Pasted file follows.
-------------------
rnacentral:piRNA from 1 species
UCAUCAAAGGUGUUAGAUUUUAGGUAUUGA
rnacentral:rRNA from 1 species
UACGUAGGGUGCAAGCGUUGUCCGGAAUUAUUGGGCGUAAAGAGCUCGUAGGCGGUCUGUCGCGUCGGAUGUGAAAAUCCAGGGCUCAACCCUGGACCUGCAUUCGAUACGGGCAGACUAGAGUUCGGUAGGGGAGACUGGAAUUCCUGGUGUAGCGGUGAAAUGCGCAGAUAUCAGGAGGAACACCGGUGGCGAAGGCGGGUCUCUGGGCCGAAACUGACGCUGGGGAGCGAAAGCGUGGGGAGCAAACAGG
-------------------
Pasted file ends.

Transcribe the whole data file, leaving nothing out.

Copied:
rnacentral:piRNA from 1 species
UCAUCAAAGGUGUUAGAUUUUAGGUAUUGA
rnacentral:rRNA from 1 species
UACGUAGGGUGCAAGCGUUGUCCGGAAUUAUUGGGCGUAAAGAGCUCGUAGGCGGUCUGUCGCGUCGGAUGUGAAAAUCCAGGGCUCAACCCUGGACCUGCAUUCGAUACGGGCAGACUAGAGUUCGGUAGGGGAGACUGGAAUUCCUGGUGUAGCGGUGAAAUGCGCAGAUAUCAGGAGGAACACCGGUGGCGAAGGCGGGUCUCUGGGCCGAAACUGACGCUGGGGAGCGAAAGCGUGGGGAGCAAACAGG